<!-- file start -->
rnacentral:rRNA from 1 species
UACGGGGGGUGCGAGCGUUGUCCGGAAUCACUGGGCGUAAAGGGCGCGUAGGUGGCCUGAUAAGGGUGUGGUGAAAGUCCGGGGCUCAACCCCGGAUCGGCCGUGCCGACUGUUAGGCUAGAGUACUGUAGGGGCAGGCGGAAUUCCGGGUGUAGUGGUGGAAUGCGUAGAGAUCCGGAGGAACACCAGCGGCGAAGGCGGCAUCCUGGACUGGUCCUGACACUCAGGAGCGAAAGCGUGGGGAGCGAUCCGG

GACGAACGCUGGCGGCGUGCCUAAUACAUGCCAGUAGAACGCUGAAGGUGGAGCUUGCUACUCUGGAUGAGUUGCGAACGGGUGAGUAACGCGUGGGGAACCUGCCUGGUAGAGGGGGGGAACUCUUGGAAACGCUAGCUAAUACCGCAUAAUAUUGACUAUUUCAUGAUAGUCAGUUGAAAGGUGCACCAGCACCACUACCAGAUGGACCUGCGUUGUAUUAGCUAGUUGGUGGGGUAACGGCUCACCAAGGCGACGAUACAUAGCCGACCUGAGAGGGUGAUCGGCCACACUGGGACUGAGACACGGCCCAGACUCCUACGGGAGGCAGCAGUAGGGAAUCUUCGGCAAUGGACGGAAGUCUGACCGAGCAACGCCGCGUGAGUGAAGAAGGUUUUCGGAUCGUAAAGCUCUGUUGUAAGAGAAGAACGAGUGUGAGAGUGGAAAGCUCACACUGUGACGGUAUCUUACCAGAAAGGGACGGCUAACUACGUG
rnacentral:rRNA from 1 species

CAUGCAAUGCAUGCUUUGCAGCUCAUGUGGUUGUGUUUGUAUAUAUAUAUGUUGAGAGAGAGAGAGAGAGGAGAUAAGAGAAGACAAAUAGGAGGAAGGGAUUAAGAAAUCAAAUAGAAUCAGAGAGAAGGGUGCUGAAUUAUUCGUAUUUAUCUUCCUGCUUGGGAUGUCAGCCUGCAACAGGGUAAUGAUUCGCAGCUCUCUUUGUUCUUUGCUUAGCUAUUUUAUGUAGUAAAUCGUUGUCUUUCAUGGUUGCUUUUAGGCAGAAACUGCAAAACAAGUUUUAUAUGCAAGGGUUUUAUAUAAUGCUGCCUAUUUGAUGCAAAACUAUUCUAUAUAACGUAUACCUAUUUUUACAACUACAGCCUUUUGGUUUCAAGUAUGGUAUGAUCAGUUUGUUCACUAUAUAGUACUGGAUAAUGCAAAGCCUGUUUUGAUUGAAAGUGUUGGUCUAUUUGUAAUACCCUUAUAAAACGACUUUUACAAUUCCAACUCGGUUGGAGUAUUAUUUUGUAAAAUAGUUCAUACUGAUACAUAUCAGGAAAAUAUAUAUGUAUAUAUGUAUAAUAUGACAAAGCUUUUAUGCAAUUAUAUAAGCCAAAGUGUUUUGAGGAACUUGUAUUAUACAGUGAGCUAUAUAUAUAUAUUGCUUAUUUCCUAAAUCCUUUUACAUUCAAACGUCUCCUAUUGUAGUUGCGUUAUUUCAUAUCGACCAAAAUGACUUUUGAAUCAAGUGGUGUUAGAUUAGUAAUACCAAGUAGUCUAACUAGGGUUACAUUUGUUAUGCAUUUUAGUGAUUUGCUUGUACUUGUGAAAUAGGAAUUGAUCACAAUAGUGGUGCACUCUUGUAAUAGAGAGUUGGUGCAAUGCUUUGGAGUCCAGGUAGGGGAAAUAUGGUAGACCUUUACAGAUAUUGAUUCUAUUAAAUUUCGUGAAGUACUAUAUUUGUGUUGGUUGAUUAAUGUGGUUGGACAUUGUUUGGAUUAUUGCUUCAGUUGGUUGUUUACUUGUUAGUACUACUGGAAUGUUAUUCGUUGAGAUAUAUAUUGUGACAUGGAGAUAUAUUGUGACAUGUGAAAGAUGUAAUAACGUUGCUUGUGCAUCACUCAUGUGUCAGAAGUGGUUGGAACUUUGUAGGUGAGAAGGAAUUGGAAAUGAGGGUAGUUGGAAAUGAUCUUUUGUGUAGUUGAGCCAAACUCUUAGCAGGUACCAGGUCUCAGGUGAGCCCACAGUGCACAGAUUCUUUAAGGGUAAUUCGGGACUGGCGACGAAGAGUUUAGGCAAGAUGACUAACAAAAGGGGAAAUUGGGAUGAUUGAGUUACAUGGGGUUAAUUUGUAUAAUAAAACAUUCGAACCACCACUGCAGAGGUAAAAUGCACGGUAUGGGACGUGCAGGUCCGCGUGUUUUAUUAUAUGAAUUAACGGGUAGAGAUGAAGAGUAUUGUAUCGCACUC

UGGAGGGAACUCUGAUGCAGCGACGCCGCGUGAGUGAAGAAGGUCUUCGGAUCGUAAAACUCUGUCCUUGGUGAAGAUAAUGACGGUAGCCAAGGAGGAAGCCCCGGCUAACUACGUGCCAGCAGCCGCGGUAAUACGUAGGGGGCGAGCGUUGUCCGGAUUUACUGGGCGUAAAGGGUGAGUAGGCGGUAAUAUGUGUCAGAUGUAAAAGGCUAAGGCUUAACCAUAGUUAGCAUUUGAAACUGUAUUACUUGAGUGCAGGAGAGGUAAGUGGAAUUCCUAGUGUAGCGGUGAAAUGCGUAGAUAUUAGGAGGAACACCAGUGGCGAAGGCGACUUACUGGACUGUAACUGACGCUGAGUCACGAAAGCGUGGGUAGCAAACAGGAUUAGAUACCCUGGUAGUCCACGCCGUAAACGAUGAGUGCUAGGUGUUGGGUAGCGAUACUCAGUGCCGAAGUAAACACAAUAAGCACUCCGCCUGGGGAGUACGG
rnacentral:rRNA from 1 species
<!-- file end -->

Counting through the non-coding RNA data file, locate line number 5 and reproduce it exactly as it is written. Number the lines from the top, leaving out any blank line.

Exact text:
CAUGCAAUGCAUGCUUUGCAGCUCAUGUGGUUGUGUUUGUAUAUAUAUAUGUUGAGAGAGAGAGAGAGAGGAGAUAAGAGAAGACAAAUAGGAGGAAGGGAUUAAGAAAUCAAAUAGAAUCAGAGAGAAGGGUGCUGAAUUAUUCGUAUUUAUCUUCCUGCUUGGGAUGUCAGCCUGCAACAGGGUAAUGAUUCGCAGCUCUCUUUGUUCUUUGCUUAGCUAUUUUAUGUAGUAAAUCGUUGUCUUUCAUGGUUGCUUUUAGGCAGAAACUGCAAAACAAGUUUUAUAUGCAAGGGUUUUAUAUAAUGCUGCCUAUUUGAUGCAAAACUAUUCUAUAUAACGUAUACCUAUUUUUACAACUACAGCCUUUUGGUUUCAAGUAUGGUAUGAUCAGUUUGUUCACUAUAUAGUACUGGAUAAUGCAAAGCCUGUUUUGAUUGAAAGUGUUGGUCUAUUUGUAAUACCCUUAUAAAACGACUUUUACAAUUCCAACUCGGUUGGAGUAUUAUUUUGUAAAAUAGUUCAUACUGAUACAUAUCAGGAAAAUAUAUAUGUAUAUAUGUAUAAUAUGACAAAGCUUUUAUGCAAUUAUAUAAGCCAAAGUGUUUUGAGGAACUUGUAUUAUACAGUGAGCUAUAUAUAUAUAUUGCUUAUUUCCUAAAUCCUUUUACAUUCAAACGUCUCCUAUUGUAGUUGCGUUAUUUCAUAUCGACCAAAAUGACUUUUGAAUCAAGUGGUGUUAGAUUAGUAAUACCAAGUAGUCUAACUAGGGUUACAUUUGUUAUGCAUUUUAGUGAUUUGCUUGUACUUGUGAAAUAGGAAUUGAUCACAAUAGUGGUGCACUCUUGUAAUAGAGAGUUGGUGCAAUGCUUUGGAGUCCAGGUAGGGGAAAUAUGGUAGACCUUUACAGAUAUUGAUUCUAUUAAAUUUCGUGAAGUACUAUAUUUGUGUUGGUUGAUUAAUGUGGUUGGACAUUGUUUGGAUUAUUGCUUCAGUUGGUUGUUUACUUGUUAGUACUACUGGAAUGUUAUUCGUUGAGAUAUAUAUUGUGACAUGGAGAUAUAUUGUGACAUGUGAAAGAUGUAAUAACGUUGCUUGUGCAUCACUCAUGUGUCAGAAGUGGUUGGAACUUUGUAGGUGAGAAGGAAUUGGAAAUGAGGGUAGUUGGAAAUGAUCUUUUGUGUAGUUGAGCCAAACUCUUAGCAGGUACCAGGUCUCAGGUGAGCCCACAGUGCACAGAUUCUUUAAGGGUAAUUCGGGACUGGCGACGAAGAGUUUAGGCAAGAUGACUAACAAAAGGGGAAAUUGGGAUGAUUGAGUUACAUGGGGUUAAUUUGUAUAAUAAAACAUUCGAACCACCACUGCAGAGGUAAAAUGCACGGUAUGGGACGUGCAGGUCCGCGUGUUUUAUUAUAUGAAUUAACGGGUAGAGAUGAAGAGUAUUGUAUCGCACUC